This past January I received a Walker Grant to travel to Santiago, Chile to conduct research for my Senior Honors Thesis on the black market for medical abortion in Chile. I spent the month of January interviewing nineteen government officials, doctors, lawyers, and nonprofit workers in Santiago and in Valparaiso. I had the chance to speak with officials from the Ministry of Health, and with a range of frontline feminist activists. On the weekends, I had the chance to go surfing in Pichilemu and to go hiking in the Cajon de Maipo. I had a wonderful time returning to Santiago with the Walker Grant, and was able to research a topic that would have been completely inaccessible to me in the United States.
Greg Morano, 17′: Guatemala City, Guatemala, January 2017
During January of 2017 I was fortunate to receive a Walker Grant from the Program to travel to Guatemala City. As part of my Senior Honors Thesis in Latin American Studies, which focuses on recent Guatemalan challenges and successes in prosecuting high-level corruption, I interviewed ten government officials, nonprofit employees, and journalists. These interviews contributed to my understanding of the process of anti-corruption in the Central American country. One weekend I was able use my personal funds to travel to Lake Atitlán and learn the art of weaving from a local women’s cooperative. With the support that the Walker Grant gave me, I had a successful fieldwork experience for my thesis. Without the Grant I would not have been able to research a topic that continues to evolve in Guatemalan and global politics.
Meghan Kelly, 17′: Lima, Peru, January 2017
During JanPlan 2017, I received a Walker Grant for to travel to Lima, Peru to conduct archival and historical research for my Senior Honors Thesis in Latin American Studies on women during the Sendero Luminoso war. I was able to visit two different archives, the Instituto de Estudios Peruanos and the Centro de Información de la Defensoría del Pueblo, where I examined primary sources unavailable in the United States. I read testimonies, newspapers, and government documents, which enriched my understanding of women’s lives and the social memory of women during and after Peru’s internal armed conflict I also visited several war memorials in and around Lima to complement my research. On the weekends, I was able to visit Ayacucho as well.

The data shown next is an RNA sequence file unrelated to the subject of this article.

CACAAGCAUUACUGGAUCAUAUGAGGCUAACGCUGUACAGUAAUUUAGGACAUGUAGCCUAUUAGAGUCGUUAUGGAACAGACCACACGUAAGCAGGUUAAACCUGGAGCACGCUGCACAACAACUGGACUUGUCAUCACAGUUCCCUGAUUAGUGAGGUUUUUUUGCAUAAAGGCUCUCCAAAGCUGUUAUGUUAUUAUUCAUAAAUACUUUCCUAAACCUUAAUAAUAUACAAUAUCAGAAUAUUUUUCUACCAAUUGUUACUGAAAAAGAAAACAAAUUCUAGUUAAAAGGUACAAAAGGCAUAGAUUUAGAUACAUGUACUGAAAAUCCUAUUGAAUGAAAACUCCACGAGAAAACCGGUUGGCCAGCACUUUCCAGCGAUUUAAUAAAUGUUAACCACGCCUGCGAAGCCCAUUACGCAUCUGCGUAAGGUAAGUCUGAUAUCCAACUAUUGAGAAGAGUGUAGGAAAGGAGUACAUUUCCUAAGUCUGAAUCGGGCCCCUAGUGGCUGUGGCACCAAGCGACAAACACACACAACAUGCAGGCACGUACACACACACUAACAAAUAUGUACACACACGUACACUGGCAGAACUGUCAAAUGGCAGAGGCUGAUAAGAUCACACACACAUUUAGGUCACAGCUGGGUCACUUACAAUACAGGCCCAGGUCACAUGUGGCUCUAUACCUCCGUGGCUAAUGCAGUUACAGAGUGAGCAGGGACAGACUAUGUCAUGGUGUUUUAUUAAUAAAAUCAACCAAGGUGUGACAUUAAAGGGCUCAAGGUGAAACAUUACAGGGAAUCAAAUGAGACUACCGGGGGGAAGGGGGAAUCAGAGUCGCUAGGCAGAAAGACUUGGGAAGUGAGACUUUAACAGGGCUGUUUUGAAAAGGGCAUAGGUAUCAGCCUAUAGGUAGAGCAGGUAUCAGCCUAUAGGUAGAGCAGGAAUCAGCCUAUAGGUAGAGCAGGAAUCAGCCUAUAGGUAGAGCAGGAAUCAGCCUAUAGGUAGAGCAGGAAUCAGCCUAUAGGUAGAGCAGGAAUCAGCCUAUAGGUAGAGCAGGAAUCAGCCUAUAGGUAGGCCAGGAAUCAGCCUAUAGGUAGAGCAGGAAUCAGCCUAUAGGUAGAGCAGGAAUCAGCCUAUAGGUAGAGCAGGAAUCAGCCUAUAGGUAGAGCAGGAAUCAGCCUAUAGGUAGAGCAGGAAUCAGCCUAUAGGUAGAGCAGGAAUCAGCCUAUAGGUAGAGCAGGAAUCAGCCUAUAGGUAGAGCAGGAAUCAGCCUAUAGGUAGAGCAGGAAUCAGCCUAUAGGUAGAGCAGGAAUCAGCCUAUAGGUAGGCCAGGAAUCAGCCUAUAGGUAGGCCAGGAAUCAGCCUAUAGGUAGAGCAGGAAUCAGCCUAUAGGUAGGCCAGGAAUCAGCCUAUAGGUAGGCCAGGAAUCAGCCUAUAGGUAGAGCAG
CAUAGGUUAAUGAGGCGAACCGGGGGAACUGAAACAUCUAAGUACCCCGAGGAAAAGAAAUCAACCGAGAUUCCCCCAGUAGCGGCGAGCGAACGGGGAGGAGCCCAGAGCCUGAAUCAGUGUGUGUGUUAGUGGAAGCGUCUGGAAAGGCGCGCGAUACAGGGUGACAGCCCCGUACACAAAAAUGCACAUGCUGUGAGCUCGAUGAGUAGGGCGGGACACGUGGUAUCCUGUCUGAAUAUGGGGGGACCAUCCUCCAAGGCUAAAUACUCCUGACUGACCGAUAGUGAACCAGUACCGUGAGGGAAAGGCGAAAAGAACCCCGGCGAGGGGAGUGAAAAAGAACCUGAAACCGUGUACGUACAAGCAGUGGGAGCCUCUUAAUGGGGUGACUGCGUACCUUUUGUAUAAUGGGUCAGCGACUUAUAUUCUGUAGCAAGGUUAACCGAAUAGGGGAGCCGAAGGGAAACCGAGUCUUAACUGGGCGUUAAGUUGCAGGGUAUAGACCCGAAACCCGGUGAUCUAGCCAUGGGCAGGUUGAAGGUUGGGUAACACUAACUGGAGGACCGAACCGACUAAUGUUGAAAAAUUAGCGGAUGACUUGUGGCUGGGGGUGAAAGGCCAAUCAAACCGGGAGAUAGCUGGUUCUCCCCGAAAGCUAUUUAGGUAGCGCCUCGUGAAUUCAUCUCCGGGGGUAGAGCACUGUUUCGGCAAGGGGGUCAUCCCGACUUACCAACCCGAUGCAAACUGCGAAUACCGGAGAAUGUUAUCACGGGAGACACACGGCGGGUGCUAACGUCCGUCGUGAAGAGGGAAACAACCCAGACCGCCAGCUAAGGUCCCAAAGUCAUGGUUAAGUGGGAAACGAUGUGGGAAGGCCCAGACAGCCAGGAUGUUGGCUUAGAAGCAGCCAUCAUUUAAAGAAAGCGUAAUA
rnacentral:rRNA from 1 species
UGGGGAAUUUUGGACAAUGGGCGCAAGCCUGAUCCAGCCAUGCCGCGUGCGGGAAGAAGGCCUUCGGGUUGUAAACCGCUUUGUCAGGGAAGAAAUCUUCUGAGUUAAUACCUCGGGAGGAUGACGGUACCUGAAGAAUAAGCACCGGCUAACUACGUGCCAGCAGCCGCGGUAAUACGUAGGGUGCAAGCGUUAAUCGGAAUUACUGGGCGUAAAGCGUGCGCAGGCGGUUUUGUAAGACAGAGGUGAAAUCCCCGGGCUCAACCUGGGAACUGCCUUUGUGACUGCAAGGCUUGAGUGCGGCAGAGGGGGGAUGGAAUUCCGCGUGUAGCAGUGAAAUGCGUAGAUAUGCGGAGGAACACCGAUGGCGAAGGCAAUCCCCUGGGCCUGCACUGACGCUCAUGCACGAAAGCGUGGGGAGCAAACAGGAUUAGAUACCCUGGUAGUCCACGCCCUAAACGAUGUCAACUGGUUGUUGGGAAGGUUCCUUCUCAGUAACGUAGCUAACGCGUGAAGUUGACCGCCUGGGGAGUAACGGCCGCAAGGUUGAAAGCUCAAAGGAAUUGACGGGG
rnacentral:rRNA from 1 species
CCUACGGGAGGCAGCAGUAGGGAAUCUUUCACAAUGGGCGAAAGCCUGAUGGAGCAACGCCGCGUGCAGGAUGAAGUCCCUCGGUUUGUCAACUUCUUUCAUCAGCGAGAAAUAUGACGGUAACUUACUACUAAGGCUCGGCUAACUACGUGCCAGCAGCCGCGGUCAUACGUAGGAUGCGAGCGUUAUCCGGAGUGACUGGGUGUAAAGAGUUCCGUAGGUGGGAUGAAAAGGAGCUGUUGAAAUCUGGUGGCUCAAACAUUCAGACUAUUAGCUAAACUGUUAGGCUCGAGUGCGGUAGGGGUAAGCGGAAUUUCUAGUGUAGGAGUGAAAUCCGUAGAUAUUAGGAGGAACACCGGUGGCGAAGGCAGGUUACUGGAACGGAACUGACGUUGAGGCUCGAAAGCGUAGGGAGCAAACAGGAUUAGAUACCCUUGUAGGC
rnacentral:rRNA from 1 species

Julien Lauretti, 17′: Rio de Janeiro, Brazil, January 2017
Thanks to a Walker Grant and colleagues of Professor Franko, I had a great experience during my research internship in Rio de Janeiro at Brazil’s Escola de Comando e Estado Maior do Exército (Army Command and General Staff College). I worked in the library of the school under the supervision of a professor from the civilian sector of the institute, João Marcelo Dalla Costa. For the project, we began by looking into Brazilian effort to both modernize their armed forces and shore up their domestic defense industry. Throughout the internship I examined internal studies and data from the programs, the military, and the companies involved to help the team of professors by narrowing down the subject matter for an eventual paper. Our research team was especially interested on the level of integration with the local economy such as use of local suppliers. Living in Rio de Janeiro and working at the military institute at the Praia Vermelha was a rewarding experience and presented an opportunity to pursue an interest not offered at Colby, and I will have a chance to continue it for the rest of the semester.
Previous Walker Grant Testimonies